Second, the more the feds meddle in the markets, the more distorted and grotesque the outcome becomes. Regulation, rigged credit markets, bailouts and subsidies – all pervert the natural outcome of market forces.
Third, the feds’ current use of overwhelming force to block a market correction is creating overwhelming unforeseen and pernicious problems. They put money into the system to try to encourage spending and investment. The money pushes up stocks – giving investors more “wealth” to spend. But it also tempts speculators into risky trades…and pushes up oil prices…giving business and consumers higher energy prices…and less money to spend on other things.
Let’s look at what happens next.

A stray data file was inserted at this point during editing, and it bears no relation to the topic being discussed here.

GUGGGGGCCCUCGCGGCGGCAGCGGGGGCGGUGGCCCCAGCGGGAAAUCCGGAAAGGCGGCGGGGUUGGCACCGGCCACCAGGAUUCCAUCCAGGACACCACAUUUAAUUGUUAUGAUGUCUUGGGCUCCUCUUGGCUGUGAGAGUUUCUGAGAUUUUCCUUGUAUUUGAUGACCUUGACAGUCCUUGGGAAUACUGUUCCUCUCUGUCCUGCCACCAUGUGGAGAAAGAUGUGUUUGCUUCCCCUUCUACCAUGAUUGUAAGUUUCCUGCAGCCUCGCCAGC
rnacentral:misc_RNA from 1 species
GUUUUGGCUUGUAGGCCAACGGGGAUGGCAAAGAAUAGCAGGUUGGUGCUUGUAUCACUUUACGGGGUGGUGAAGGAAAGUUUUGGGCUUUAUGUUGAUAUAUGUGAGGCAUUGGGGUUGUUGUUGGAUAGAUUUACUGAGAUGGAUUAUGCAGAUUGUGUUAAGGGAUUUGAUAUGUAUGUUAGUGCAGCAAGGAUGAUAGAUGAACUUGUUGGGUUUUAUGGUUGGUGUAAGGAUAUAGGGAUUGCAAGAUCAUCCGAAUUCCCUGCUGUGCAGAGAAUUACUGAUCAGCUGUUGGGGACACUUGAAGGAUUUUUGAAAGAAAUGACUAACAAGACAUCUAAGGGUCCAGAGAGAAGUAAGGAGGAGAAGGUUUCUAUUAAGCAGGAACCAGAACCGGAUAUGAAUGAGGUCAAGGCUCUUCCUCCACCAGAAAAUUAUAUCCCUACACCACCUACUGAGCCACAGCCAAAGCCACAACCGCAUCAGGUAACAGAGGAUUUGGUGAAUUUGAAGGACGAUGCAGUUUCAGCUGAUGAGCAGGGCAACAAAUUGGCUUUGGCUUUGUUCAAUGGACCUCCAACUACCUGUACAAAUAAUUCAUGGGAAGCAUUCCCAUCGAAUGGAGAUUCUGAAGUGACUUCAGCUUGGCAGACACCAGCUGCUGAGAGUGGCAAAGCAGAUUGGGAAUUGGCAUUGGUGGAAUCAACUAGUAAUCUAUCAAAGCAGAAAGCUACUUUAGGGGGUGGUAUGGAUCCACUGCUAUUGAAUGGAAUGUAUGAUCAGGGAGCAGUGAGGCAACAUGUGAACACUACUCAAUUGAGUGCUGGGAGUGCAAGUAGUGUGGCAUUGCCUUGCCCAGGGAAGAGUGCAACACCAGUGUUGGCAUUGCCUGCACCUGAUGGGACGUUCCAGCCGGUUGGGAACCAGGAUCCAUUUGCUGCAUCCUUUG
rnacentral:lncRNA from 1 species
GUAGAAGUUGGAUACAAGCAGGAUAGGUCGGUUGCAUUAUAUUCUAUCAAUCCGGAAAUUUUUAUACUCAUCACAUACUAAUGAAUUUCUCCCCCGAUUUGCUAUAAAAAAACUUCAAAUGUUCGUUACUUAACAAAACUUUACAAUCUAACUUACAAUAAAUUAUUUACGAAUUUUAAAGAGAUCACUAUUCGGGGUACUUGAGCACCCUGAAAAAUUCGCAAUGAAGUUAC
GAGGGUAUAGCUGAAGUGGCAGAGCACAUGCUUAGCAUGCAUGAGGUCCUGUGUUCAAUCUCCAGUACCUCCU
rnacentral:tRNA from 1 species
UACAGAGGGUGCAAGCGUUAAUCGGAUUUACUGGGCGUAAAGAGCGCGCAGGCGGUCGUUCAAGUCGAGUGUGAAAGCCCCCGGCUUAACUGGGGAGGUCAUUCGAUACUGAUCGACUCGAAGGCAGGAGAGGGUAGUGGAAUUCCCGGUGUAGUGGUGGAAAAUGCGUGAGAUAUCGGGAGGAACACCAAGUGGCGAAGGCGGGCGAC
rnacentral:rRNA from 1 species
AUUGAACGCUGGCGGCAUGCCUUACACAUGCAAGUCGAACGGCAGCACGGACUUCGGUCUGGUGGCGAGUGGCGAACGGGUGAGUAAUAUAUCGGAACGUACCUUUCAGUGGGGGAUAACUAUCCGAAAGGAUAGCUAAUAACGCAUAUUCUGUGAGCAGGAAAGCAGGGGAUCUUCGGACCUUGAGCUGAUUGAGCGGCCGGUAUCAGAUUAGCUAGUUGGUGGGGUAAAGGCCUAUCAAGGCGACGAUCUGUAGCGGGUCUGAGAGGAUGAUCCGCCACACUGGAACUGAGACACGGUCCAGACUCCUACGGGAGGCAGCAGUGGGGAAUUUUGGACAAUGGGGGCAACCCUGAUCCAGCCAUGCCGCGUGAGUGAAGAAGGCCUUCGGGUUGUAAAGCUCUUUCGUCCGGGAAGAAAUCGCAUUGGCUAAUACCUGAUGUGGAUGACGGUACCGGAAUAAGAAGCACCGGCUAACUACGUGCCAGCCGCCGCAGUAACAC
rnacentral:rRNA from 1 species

No, the feds didn’t cause earthquakes in Japan or revolutions and civil wars in North Africa. But they created such a rickety financial structure…so top-heavy with debt…that almost any calamity can bring it down.
As it happens, political troubles in the Arab states…and Japan’s nuclear problems…both grip the world’s single most important market – oil – like the jaws of a vise.
The Arab world produces the stuff. Japan consumes it. Without its nuclear reactors, Japan will rely even more heavily on other forms of energy…leaving more people standing in line with gas cans in their hands.
And here’s where the feds come in – their funny money had already sent the price of oil from a low near $30 at the bottom of the ’09 crisis…to a high over $100 before the first coffee cup started to rattle in Japan.
Where the price will go next, we don’t know. But it’s being squeezed on both sides – supply and demand – simultaneously.
And here’s something you should know: